Jason Burt goes further with his list of Chelsea players up for sale. “An end-of-season sale would involve the departure of players such as Didier Drogba, Nicolas Anelka, Florent Malouda and Deco while, with contract talks not resolved, the future of Joe Cole is also up in the air as is that of Michael Ballack, one of the three highest earners. And what would happen if Manchester City, as they have considered, tempted Chelsea with a mega-bid, £40m plus, for John Terry? It would certainly help Kenyon break even as he has pledged to do by 2010.”

Whilst most are looking forward, Terry Venables is still trying to understand why Scolari was given the boot finding a new reasoning to contextualise the Brazilian’s downfall. “The sales of Shaun Wright-Phillips, Wayne Bridge and Carlo Cudicini — and the failure to sign any quality replacements. Some may scoff that they were fringe players. But teams don’t win titles — squads do. And the decision to offload three players — who have walked straight into teams elsewhere — may have a potentially devastating effect on the Blues’ hopes of landing silverware this season.”

Ahead of the FA Cup fixtures this weekend, Ian Herbert pulls on the English heart-strings by talking up the Britishness of Everton-Aston Villa. “The most mouth-watering tie of football’s oldest club tournament will roll back the years tomorrow and offer up something as outdated as a winning captain clambering up the old Wembley steps to collect a trophy: two sides packed with Englishmen, going hell for leather for victory. British jobs for British workers on an FA Cup weekend, you might call it.”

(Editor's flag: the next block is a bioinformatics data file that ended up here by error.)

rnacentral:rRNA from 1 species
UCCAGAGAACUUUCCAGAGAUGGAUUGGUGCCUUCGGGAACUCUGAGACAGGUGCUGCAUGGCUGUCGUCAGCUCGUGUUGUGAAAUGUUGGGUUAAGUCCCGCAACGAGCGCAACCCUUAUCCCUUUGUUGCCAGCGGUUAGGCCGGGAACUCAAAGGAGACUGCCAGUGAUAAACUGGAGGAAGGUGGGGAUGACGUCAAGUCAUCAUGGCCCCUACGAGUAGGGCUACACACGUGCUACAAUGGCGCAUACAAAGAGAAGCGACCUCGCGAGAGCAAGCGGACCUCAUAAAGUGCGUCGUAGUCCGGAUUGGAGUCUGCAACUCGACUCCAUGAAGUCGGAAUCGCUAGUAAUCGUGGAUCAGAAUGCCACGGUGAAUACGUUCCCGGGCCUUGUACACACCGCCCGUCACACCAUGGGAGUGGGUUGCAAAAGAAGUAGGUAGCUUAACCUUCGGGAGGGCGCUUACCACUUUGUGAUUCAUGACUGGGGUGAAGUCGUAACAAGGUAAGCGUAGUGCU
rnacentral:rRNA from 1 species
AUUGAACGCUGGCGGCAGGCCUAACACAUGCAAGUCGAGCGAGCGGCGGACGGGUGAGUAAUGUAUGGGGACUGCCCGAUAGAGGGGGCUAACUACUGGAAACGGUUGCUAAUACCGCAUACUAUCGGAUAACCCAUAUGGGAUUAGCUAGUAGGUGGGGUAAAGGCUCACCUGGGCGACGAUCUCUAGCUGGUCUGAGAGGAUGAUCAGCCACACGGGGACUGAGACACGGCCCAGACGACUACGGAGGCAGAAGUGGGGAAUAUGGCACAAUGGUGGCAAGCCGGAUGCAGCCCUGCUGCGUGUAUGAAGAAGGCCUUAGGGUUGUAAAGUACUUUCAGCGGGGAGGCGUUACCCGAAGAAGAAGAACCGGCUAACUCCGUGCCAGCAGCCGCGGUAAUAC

The Mirror claim two inside scoops on the future of the managerial positions at Portsmouth and Newcastle. According to Alan Nixon, “Steve Bruce is ready to answer an SOS from Newcastle and become their next boss if Mike Ashley goes for a replacement for Joe Kinnear who has had heart surgery.” In a separate article, Alan Nixon claims “Roberto Donadoni wants to be the next boss of Portsmouth – and hopes to speak to owner Sacha Gaydamak this week.”

Charles Sale lifts the lid on a brilliant story that would have seen Oldham field the best woman footballer in the world, Brazilian striker Marta. “Marta, voted FIFA’s top female player three years in succession, agreed to take part in the publicity stunt that was the brainchild of Oldham managing director Simon Corney and a TV production company, who wanted to make a documentary about whether a woman could hold her own in the men’s pro game. And super publicity-conscious Corney, whose team are wearing pink shirts in a League match against Leeds United to promote a breast cancer charity, was hoping Marta’s match would help to put Oldham Athletic on the worldwide football map – such would be the interest.”

In other football news, Des Kelly explains why he believes Ryan Giggs to be the Premier League’s all-time leading icon, in a must-read for all Liverpool fans Tony Evans lists the top 50 Reds throughout the ages, while Gary Lineker, for no apparent reason and with no new information, decides to talk about Fergie’s future at Manchester United in his weekly column in The Times.

Tom Cary takes time out to praise David James, who today will “beat Gary Speed’s record of 535 appearances when Portsmouth meet Manchester City.”

In the Saturday interviews, Joleon Lescott tells Andy Hunter about having trials in his youth at Aston Villa, Chris McGrath meets Swansea boss Roberto Martinez (“it is impossible not to see traces of the young Arsene Wenger”), and Robbie Savage gives an insight on what it’s like to be hated – “I’ve had people spit in my face. I’ve had bottles thrown at me. My house has been attacked. I’ve had loads of things happen. People have written to me saying they are going to find me.”